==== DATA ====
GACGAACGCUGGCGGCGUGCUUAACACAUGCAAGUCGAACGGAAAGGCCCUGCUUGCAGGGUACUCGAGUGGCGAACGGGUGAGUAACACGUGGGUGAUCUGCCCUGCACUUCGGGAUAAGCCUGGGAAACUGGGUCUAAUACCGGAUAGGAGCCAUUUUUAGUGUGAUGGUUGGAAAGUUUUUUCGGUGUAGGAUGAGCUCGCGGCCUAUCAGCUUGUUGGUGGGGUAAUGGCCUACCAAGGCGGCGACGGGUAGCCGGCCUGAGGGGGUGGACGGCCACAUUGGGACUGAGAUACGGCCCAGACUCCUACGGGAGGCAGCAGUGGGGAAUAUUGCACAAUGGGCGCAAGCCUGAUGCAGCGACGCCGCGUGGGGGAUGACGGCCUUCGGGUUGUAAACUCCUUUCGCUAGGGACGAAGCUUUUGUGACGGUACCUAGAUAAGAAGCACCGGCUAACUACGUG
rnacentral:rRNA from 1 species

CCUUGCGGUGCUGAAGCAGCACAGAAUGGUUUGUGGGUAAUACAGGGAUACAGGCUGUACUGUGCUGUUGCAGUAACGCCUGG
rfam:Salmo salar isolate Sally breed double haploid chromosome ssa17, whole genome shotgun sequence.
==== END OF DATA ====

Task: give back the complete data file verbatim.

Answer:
GACGAACGCUGGCGGCGUGCUUAACACAUGCAAGUCGAACGGAAAGGCCCUGCUUGCAGGGUACUCGAGUGGCGAACGGGUGAGUAACACGUGGGUGAUCUGCCCUGCACUUCGGGAUAAGCCUGGGAAACUGGGUCUAAUACCGGAUAGGAGCCAUUUUUAGUGUGAUGGUUGGAAAGUUUUUUCGGUGUAGGAUGAGCUCGCGGCCUAUCAGCUUGUUGGUGGGGUAAUGGCCUACCAAGGCGGCGACGGGUAGCCGGCCUGAGGGGGUGGACGGCCACAUUGGGACUGAGAUACGGCCCAGACUCCUACGGGAGGCAGCAGUGGGGAAUAUUGCACAAUGGGCGCAAGCCUGAUGCAGCGACGCCGCGUGGGGGAUGACGGCCUUCGGGUUGUAAACUCCUUUCGCUAGGGACGAAGCUUUUGUGACGGUACCUAGAUAAGAAGCACCGGCUAACUACGUG
rnacentral:rRNA from 1 species

CCUUGCGGUGCUGAAGCAGCACAGAAUGGUUUGUGGGUAAUACAGGGAUACAGGCUGUACUGUGCUGUUGCAGUAACGCCUGG
rfam:Salmo salar isolate Sally breed double haploid chromosome ssa17, whole genome shotgun sequence.